Turn 1, following Doug’s path, we could see John Cook in front of us just 50 yards ahead. Drafting Doug through the Web, it appeared we were closing on John. The approach to the museum curve had Doug putting some distance between us. Halfway there, Charles Galt flew past me and he closed on Doug over the hump. ¬†Charles made the hump look smooth and effortless as he continued to close on Doug. Not knowing where Jeremy was at this point, I just kept up my pace as Doug and Charles began to pull away.

Maintaining as much velocity as I could through the second zig-zag, I closed slightly. My momentum carried me closer to Charles through Norton Hill and into the last right hand turn of the track. By the time Charles made is final lean, I was all but part of his rear wheel. Levelling off from the last turn set, I was thinking I liked Charles race line better than my own.

Approaching the start/finish line, Doug had pulled away from Charles. Charles was pulling away from me, and still no sign of Jeremy. Charles Yamaha RD400 had some serious power, especially have he had invested in a nice expansion chamber exhaust system that did a nice job of optimizing his performance. Going through turn 1, 2, and 3, I kept up with Charles and we headed towards the Web. With nobody in my way through the Web, I used all the breadth of the turn from outside to inside and all the way back to the outside of the turn barely gaining on Charles, only to loose all I had gained in the straight towards the museum hump.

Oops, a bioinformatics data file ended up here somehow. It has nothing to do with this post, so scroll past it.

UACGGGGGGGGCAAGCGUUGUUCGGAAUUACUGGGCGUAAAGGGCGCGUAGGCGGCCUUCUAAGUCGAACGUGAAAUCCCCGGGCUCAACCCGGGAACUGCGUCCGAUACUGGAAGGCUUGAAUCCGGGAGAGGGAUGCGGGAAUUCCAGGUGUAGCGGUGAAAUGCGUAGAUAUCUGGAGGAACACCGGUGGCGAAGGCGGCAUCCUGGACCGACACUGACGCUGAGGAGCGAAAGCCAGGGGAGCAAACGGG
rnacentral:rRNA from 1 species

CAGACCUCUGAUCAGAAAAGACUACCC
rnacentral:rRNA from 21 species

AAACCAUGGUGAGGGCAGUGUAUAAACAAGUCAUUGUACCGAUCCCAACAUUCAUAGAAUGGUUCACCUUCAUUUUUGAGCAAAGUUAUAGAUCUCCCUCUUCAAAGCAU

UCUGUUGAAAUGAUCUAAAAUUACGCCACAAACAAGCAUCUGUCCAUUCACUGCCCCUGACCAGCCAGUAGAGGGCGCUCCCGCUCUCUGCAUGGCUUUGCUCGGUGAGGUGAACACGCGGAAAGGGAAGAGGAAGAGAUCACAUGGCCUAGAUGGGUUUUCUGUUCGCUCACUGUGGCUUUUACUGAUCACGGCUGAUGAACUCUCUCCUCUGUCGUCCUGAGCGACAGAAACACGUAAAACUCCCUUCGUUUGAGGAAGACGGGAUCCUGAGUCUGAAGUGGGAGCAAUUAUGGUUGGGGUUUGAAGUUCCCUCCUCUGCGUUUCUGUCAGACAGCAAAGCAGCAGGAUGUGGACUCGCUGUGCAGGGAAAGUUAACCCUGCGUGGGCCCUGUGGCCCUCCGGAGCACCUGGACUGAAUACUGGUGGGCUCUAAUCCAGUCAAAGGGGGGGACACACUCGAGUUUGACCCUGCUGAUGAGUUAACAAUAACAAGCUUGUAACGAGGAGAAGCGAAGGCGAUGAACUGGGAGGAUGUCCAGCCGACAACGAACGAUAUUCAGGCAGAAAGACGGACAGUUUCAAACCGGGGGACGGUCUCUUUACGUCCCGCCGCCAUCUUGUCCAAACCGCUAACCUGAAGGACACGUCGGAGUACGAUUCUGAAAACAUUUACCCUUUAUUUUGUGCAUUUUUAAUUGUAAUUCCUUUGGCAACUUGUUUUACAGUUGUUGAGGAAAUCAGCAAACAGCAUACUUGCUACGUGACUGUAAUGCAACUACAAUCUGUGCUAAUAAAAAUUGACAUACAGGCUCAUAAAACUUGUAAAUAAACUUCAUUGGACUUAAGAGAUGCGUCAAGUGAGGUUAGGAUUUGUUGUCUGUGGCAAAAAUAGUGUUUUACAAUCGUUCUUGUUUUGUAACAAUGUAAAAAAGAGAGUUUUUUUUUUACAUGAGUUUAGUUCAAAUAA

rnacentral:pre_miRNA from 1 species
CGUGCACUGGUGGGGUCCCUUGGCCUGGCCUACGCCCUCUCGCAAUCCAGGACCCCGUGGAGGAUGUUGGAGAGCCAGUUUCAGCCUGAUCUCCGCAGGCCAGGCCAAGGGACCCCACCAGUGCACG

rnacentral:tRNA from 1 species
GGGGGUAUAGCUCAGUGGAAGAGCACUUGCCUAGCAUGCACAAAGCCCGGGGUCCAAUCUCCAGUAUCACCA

The back half of the track had me slowly gaining on both Doug and Charles to the point where I had great video footage just in time to see Charles washout in front of me in the last right-hander before the last left. With Charles separating from his bike, I then had to obstacles that I had to chant to myself “do not get fixated on either”. Charles cleared the track, but his bike stopped on the track, in the race line. A few turns later, the corner workers (Salutes and Kisses to you all) all had the red flags flying through the air indicating this race was over and we were to safely return to the pits.

As we entered the pits the “cut-throat” sign that we received from officials and spectating racers alike told us we had gone past the half-way mark of the race so it was officially over. The standing at the last completed lap would determine class standing and the winner of each class.

Only after getting back to the pits, having consumed a celebratory beer, and exited my leathers did I find out Jeremy had caught back up and saw the crash as well. So yes, it was the best day on the track ever. Taking second place in the WERA GP350 at Barber Motorsports Park on the 4th of July weekend with Doug Bowie in sight, just a turn ahead of me, made my day complete.

As I stated at the awards ceremony, I thank the corner workers with Salutes and Kisses to all, WERA Vintage motorcycle racing for a place to play with my friends, Sirius Consolidated Incorporated for their decade long sponsorship, and Jeremy Backer for making the race weekend as exciting as it possibly could be. I hope to recreate this excitement again really soon.